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Parenting isn’t for the faint of heart. Now they have categories for parents. Are you a Helicopter or a Free Range parent? There is no right or wrong. We make it up as we go!

What is a helicopter parent?

Think about a helicopter and what it can do. A helicopter hovers in the air above and can watch from a distance. When there is trouble, you can watch from safety or land quickly and get involved. The choice is yours.

man-announce-02Helicopter parents are like that. The challenge is knowing when to land and intervene in the scene below. This becomes a negative when you are always hovering and watching. The people below spend all their time focused on what you are seeing and become afraid to take a risk because that helicopter may land and then the trouble begins.

In the case of parenting, the helicopter is the over vigilant parent and the people they are hovering over are:

  • teachers
  • day care providers
  • coaches
  • children (often not just their own!)

Success quoteEven their own children become more focused on satisfying what they think their parents want rather than being in the moment and just enjoying whatever it is they are doing. Always afraid Mommy or Daddy is going to get angry and never being comfortable taking a risk. And, the poor teachers and coaches, always looking over their shoulders worrying about the next time they will have a parent berating them because they believe the teacher or coach went too far when they should be helping the children stretch and grow.

Are you a helicopter parent?


What is free range parenting?

Have you ever seen animals in the wild when they aren’t aware you are there? They don’t seem to have a care in the world and frolic and play. Sure, they have learned to be mindful of the world around them and watch for predators and dangers. That’s part of life, there is always risk and danger. You are pretty safe if you have been taught the basics and common sense. Wild animals teach their young what to look for and be aware of before sending them on their way. Eventually, a mother bird will push her young out of the nest. Not yet adults, and amazingly, they fly!

Free range parenting is much the same.

Parents spend time with their children teaching them what the risks in their world are and how to protect themselves.

  • Knock on a door when they see a stranger following.
  • Don’t get into a stranger’s car.
  • Know their physical and emotional limits.
  • Ask for help when they need it.

Brett_Ash_SkiAlways encouraging them to take reasonable risks and giving them the freedom to make reasonable choices. Letting them just enjoy being kids without worrying about having to make an adult happy. Giving them the space and approval to make mistakes so that they can learn and grow. All of this is measured and not just given all at once, but it is given.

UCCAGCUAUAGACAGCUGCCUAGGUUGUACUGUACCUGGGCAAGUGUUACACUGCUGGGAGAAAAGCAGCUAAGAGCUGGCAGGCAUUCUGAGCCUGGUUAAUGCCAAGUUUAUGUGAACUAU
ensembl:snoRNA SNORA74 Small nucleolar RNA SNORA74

A free range parent will reward a risk, even if it doesn’t work out. These risks are seen as teaching opportunities, not horrors to avoid. Caveat: these children will challenge authority and may even get hurt once in a while. These are the children who will be the next generation of leaders, shakers and movers. They are the ones who will change the world because they are not afraid of risk.

Are you a free range parent?

Who is right?

You are!

We all need to decide how to raise our own children. The challenge is to recognize when we are transferring our own fears to our children and holding ourselves in check rather than holding them back. By all means, if you have fears and need to hover, do so. Just remember to check yourself before you land on them and scare the heck out of them.

Alternatively, make sure you are not so hands off that you aren’t teaching your children some degree of caution and providing them with the tools they need to make good decisions. Find the balance of helicopter and free range that works for you and do that.

Now, go play!


Make it a great day,


P.S. What am I thankful for today? I’m thankful for time tobogganing in Red Hill Valley when I was a kid (about a kilometre from home and no parents!). I’m thankful my parents taught me to think for myself. I’m thankful my kids have learned the same.

What are you thankful for today.


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